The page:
Koln blamed Thursday’s Europa League fracas on a small police force and a lack of preparation, while condemning supporters who threatened and attacked stewards and police officers at Arsenal‘s Emirates Stadium.
In a carefully-worded response to the chaotic scenes in north London, the German side criticised organisers for failing to “adequately prepare for the task” and lamented the “horrendous” costs some of its fans had to pay just to get inside the stadium.
Related: Arsenal-Koln fracas draws UEFA probe
Around 20,000 supporters – many without tickets – ended up making the trip to England’s capital for Koln’s first European encounter in 25 years. Officials decided to delay kick-off by more than an hour to ensure crowd safety.
Contrary to unfounded claims of Nazi salutes and excessive violence, however, Koln emphasised that the vast majority of supporters represented the club and German football as a whole “happily and positively.” Fans who managed to get seats in other sections of the stadium also managed to behave themselves.
The rest of the statement read:
Despite 1. FC Koln and Arsenal FC urging fans to purchase tickets only through official channels and not to enter any sections other than the guest section wearing FC merchandise, the situation before the match showed FC fans lining up in various sections to enter the stadium. And also despite the tremendous experience of both the London security forces and Arsenal as a permanent partaker in European football, the organizers were unfortunately not adequately prepared for the task. In our view, the security concept and communication seemed inadequate and the police force too small.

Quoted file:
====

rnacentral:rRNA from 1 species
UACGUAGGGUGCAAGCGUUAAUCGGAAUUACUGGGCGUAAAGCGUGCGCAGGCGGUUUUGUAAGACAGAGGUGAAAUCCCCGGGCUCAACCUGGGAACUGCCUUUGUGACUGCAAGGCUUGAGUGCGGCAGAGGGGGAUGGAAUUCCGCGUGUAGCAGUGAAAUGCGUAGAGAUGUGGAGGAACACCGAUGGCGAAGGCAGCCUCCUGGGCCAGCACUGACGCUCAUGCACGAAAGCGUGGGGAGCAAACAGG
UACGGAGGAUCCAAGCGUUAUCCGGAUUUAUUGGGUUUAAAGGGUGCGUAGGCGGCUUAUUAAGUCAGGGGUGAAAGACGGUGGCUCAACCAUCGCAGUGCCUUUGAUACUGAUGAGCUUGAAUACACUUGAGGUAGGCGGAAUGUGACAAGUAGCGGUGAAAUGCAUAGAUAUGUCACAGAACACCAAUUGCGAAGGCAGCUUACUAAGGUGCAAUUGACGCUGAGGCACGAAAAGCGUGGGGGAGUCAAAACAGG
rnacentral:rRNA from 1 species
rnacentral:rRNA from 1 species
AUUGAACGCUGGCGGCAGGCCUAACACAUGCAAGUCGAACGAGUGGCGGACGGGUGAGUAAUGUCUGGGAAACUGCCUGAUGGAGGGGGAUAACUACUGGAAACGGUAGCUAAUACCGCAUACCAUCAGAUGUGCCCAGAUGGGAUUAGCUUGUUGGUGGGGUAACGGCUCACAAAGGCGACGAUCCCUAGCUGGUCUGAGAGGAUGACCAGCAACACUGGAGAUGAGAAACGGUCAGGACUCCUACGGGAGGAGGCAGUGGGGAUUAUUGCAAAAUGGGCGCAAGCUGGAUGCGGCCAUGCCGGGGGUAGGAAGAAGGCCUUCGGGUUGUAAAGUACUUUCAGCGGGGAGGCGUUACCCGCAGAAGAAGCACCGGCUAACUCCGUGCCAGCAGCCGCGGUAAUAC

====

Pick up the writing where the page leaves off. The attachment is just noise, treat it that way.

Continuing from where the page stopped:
The most important common goal of having the match played on the same evening was achieved by allowing fans with valid tickets to quickly take their seats. This procedure proved to be the correct decision. Finally, the course of the match showed that the mixing of home and away fans did not constitute a safety risk for this match.
1. FC Koln will intensively evaluate and work together with Arsenal FC, the security forces, and the representatives of UEFA to discuss what measures need to be taken to prevent such things, such as the shifted kick-off time, in the future.
That said, 1. FC Koln would like to unmistakably make it clear that there is no excuse or justification for the fact that a group of so-called disturbers threatened, insulted, and even attacked stewards and police officers without cause. We distance ourselves from this explicitly. These people are solely responsible for the fact that a football match with a special meaning for an entire region, as well as the courageous effort of our team on the pitch, had to be overshadowed by scenes that had nothing to do with sport and fair play. Although 1. FC Koln is not responsible for the acts of these so-called disturbers, we ask our English hosts to accept our apology.
UEFA charged both clubs Friday, with a verdict set to be delivered Sept. 21.